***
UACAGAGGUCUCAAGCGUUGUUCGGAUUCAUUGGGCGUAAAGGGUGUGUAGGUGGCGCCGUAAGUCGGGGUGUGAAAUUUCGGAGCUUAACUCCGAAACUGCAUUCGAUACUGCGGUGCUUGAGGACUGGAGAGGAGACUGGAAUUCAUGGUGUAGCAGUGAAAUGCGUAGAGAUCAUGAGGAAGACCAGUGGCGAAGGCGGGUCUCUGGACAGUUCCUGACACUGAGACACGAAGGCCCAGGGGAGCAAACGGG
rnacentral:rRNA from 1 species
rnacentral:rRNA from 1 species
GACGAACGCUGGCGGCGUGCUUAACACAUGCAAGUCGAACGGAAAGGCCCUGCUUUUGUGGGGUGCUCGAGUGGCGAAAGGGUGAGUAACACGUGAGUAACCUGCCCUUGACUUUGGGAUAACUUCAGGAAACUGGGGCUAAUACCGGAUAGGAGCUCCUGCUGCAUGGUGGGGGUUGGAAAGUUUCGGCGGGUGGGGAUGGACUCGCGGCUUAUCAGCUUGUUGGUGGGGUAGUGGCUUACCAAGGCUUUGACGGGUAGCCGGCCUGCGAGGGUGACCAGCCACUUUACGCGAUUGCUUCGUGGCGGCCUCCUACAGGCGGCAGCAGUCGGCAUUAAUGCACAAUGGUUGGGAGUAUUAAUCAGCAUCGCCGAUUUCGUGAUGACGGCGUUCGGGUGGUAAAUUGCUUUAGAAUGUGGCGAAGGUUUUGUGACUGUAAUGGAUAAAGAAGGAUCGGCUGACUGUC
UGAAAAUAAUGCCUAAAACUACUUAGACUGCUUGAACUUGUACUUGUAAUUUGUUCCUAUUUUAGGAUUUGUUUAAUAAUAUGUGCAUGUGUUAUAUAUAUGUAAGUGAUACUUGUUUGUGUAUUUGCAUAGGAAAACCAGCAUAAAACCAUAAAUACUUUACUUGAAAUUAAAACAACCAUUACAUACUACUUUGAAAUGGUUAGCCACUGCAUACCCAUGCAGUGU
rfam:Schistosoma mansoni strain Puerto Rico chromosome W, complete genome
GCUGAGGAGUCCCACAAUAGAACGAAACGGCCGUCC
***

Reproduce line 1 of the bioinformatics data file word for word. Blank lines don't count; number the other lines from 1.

UACAGAGGUCUCAAGCGUUGUUCGGAUUCAUUGGGCGUAAAGGGUGUGUAGGUGGCGCCGUAAGUCGGGGUGUGAAAUUUCGGAGCUUAACUCCGAAACUGCAUUCGAUACUGCGGUGCUUGAGGACUGGAGAGGAGACUGGAAUUCAUGGUGUAGCAGUGAAAUGCGUAGAGAUCAUGAGGAAGACCAGUGGCGAAGGCGGGUCUCUGGACAGUUCCUGACACUGAGACACGAAGGCCCAGGGGAGCAAACGGG